Photographer: Bulent Kilic/AFP via Getty Images

Trump Says Raqqa Defeat Signals Islamic State's End ‘In Sight’

  • Thousands of combatants, civilians killed in lengthy campaign
  • President says jihadist group leaders must ‘face justice’

President Donald Trump hailed this week’s victory by Kurdish-led forces over Islamic State in the terrorist organization’s Raqqa headquarters as a “critical breakthrough” and a signal that end of the self-professed caliphate is “in sight.”

“We will soon transition into a new phase in which we will support local security forces, de-escalate violence across Syria, and advance the conditions for lasting peace, so that the terrorists cannot return to threaten our collective security again,” Trump said in a statement on Saturday.

Raqqa city on Oct. 20.

Photographer: Bulent Kilic/AFP via Getty Images

“Together, with our allies and partners, we will support diplomatic negotiations that end the violence, allow refugees to return safely home, and yield a political transition that honors the will of the Syrian people,” Trump said.

Fighters for the Kurdish-led Syrian Democratic Forces, backed by airstrikes and special-forces assistance from the U.S., said earlier this week they had completed the primary military operation to eradicate extremists from the city.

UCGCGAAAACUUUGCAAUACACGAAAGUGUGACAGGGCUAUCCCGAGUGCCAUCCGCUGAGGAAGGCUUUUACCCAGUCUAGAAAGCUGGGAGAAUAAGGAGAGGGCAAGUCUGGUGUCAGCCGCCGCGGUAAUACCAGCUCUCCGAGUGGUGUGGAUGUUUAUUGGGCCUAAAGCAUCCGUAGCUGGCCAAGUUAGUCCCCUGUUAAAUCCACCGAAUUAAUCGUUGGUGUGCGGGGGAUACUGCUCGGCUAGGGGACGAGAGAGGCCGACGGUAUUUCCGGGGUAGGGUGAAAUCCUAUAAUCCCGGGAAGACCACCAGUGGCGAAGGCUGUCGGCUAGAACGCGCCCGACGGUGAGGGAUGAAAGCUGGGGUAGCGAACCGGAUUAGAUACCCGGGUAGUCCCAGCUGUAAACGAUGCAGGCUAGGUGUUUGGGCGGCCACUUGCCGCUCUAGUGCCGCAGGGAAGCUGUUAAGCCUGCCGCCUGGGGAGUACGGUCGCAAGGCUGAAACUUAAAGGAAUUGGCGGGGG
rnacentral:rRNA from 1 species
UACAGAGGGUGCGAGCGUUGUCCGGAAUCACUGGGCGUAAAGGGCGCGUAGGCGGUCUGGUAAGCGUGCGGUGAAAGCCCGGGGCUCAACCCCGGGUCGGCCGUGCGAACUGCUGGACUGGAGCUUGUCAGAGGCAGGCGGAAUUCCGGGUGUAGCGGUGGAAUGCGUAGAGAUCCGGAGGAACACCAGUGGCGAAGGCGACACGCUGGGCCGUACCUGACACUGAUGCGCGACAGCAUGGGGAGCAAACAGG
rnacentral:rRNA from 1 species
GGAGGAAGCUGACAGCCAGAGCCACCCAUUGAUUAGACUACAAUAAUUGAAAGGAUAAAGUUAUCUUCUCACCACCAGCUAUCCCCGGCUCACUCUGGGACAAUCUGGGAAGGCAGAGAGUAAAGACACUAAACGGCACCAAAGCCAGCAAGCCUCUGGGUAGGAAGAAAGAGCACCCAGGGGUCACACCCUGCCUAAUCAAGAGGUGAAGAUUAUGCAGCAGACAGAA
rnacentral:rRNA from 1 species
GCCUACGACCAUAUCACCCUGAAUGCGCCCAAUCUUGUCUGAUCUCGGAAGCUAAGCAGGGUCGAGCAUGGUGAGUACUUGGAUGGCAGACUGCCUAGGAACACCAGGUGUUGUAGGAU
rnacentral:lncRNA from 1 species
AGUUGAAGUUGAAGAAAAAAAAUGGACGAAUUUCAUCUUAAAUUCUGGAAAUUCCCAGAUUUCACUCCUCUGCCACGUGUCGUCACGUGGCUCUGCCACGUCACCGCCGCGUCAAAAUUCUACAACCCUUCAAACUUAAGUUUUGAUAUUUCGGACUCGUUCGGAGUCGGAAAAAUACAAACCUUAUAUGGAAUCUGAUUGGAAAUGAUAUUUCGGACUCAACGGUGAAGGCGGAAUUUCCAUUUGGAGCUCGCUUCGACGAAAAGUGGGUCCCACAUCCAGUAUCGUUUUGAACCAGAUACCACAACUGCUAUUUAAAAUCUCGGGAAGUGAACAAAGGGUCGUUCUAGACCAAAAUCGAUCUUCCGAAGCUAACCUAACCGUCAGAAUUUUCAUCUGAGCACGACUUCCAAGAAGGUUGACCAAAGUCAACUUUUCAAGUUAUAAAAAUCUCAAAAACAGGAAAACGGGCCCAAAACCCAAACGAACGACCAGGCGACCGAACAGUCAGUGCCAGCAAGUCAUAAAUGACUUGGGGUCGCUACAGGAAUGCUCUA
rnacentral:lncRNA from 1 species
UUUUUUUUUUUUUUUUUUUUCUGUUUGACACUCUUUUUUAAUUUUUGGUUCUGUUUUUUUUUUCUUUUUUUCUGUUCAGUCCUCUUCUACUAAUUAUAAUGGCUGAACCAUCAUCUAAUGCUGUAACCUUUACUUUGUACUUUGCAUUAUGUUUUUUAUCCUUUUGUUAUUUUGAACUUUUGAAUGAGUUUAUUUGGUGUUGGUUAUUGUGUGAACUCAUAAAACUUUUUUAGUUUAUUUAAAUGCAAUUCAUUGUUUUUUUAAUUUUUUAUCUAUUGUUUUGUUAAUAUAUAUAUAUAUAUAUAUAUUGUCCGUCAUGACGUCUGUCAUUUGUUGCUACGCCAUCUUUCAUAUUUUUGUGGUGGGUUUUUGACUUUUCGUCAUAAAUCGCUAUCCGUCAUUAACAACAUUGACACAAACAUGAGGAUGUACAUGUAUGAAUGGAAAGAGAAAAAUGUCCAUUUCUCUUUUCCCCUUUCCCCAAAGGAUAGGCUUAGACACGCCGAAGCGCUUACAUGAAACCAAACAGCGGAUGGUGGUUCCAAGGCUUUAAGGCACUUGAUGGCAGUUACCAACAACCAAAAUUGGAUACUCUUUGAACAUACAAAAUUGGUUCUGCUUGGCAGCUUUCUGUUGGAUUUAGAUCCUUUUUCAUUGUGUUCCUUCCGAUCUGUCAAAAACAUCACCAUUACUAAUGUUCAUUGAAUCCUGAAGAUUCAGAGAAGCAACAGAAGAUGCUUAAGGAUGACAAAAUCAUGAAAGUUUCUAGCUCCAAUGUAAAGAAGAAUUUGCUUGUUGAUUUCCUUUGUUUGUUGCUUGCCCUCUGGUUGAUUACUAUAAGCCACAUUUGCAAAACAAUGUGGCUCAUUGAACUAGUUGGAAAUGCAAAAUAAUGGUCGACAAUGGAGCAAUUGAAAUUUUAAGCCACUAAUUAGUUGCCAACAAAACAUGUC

The fight for Raqqa’s old city began in June; the battles left thousands of combatants and civilians dead and much of the city a bombed-out shell. The United Nations estimated in September that 80 percent of the city, which had a population of about 220,000 in 2004, is uninhabitable.

The loss of Raqqa, combined with July’s victory over Islamic State fighters in its Iraq stronghold of Mosul, has reduced the terror group to a guerrilla force concentrated on the Iraq-Syria border and in smaller towns in Iraq’s Anbar province.

‘Evil Terrorists’

“We have made, alongside our coalition partners, more progress against these evil terrorists in the past several months than in the past several years,” Trump said in the statement, adding that Islamic State leaders “must and will face justice.”

As it cedes ground, Islamic State may focus more on attacks in Europe and elsewhere; it has claimed responsibility for numerous deadly incidents in recent years, from the U.K. and France to Afghanistan and Tunisia. Syrian President Bashar al-Assad along with Russia and Iran could also emerge as the major powers in Syria as Islamic State fades there.

In an interview on Oct. 17, Trump credited more aggressive rules of engagement implemented under his administration for the victories against the group, although his overall strategy has largely mirrored that of Barack Obama’s administration.

“I totally changed the military. I totally changed the attitudes of the military,” Trump said in an interview with Washington radio station WMAL. Asked why Islamic State wasn’t beaten back earlier, he said, “Because you didn’t have Trump as your president.”

After Trump spoke this week, the Pentagon issued a statement emphasizing three years of efforts dating to the Obama administration to build up Iraqi armed forces and assemble a “large and powerful military coalition which has enabled partner forces in Iraq and Syria to liberate their countries from Daesh,” another term used to identify Islamic State.

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